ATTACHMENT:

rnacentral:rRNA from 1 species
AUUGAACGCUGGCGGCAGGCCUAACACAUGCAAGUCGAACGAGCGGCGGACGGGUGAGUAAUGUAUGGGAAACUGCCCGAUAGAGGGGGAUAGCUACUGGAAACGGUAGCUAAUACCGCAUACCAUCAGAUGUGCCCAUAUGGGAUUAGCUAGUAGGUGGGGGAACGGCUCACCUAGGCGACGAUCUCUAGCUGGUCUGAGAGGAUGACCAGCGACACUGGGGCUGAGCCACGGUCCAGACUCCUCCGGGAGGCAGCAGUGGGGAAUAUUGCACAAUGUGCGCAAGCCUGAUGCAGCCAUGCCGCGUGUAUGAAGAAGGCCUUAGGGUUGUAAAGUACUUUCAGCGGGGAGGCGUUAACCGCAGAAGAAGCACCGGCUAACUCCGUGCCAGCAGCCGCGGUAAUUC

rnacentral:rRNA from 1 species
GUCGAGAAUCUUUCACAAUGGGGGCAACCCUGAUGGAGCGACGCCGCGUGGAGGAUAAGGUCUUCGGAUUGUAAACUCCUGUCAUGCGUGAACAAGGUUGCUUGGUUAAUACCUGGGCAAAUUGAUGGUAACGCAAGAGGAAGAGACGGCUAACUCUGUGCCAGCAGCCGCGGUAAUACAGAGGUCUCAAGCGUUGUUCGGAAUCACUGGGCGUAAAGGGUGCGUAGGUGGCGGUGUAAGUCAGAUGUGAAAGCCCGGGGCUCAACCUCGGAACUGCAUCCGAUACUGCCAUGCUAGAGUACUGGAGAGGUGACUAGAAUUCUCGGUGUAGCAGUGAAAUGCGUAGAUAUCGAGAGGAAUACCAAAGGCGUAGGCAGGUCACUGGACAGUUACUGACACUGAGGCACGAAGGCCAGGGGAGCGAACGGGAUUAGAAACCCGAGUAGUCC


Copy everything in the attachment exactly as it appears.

rnacentral:rRNA from 1 species
AUUGAACGCUGGCGGCAGGCCUAACACAUGCAAGUCGAACGAGCGGCGGACGGGUGAGUAAUGUAUGGGAAACUGCCCGAUAGAGGGGGAUAGCUACUGGAAACGGUAGCUAAUACCGCAUACCAUCAGAUGUGCCCAUAUGGGAUUAGCUAGUAGGUGGGGGAACGGCUCACCUAGGCGACGAUCUCUAGCUGGUCUGAGAGGAUGACCAGCGACACUGGGGCUGAGCCACGGUCCAGACUCCUCCGGGAGGCAGCAGUGGGGAAUAUUGCACAAUGUGCGCAAGCCUGAUGCAGCCAUGCCGCGUGUAUGAAGAAGGCCUUAGGGUUGUAAAGUACUUUCAGCGGGGAGGCGUUAACCGCAGAAGAAGCACCGGCUAACUCCGUGCCAGCAGCCGCGGUAAUUC

rnacentral:rRNA from 1 species
GUCGAGAAUCUUUCACAAUGGGGGCAACCCUGAUGGAGCGACGCCGCGUGGAGGAUAAGGUCUUCGGAUUGUAAACUCCUGUCAUGCGUGAACAAGGUUGCUUGGUUAAUACCUGGGCAAAUUGAUGGUAACGCAAGAGGAAGAGACGGCUAACUCUGUGCCAGCAGCCGCGGUAAUACAGAGGUCUCAAGCGUUGUUCGGAAUCACUGGGCGUAAAGGGUGCGUAGGUGGCGGUGUAAGUCAGAUGUGAAAGCCCGGGGCUCAACCUCGGAACUGCAUCCGAUACUGCCAUGCUAGAGUACUGGAGAGGUGACUAGAAUUCUCGGUGUAGCAGUGAAAUGCGUAGAUAUCGAGAGGAAUACCAAAGGCGUAGGCAGGUCACUGGACAGUUACUGACACUGAGGCACGAAGGCCAGGGGAGCGAACGGGAUUAGAAACCCGAGUAGUCC